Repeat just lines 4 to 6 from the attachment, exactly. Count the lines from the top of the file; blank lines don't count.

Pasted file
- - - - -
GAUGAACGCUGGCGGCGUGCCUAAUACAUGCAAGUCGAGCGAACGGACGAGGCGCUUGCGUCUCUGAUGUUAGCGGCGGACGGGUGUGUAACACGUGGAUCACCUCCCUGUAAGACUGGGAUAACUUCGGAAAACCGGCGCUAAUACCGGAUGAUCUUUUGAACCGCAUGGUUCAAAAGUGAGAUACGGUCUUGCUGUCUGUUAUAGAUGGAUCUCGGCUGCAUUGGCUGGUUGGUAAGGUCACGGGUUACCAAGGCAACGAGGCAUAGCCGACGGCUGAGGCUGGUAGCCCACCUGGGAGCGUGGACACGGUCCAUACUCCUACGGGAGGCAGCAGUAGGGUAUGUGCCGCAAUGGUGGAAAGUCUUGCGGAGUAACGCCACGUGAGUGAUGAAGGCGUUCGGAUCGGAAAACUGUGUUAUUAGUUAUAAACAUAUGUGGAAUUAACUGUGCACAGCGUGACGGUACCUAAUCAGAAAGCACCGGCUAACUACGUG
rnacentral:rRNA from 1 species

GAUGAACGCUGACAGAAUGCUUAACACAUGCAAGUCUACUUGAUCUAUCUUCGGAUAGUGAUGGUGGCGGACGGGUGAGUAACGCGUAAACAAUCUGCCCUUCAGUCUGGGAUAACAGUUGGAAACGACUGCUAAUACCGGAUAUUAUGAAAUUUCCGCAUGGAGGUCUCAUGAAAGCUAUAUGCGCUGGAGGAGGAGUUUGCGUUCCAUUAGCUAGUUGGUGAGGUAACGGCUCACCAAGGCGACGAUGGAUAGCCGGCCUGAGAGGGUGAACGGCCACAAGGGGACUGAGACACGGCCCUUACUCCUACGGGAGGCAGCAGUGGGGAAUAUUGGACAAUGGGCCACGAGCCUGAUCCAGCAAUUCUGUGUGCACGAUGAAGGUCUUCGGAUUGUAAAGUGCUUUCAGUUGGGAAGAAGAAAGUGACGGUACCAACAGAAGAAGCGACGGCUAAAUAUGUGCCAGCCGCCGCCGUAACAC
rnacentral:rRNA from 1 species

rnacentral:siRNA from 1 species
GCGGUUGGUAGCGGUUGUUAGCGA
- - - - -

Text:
rnacentral:rRNA from 1 species

rnacentral:siRNA from 1 species
GCGGUUGGUAGCGGUUGUUAGCGA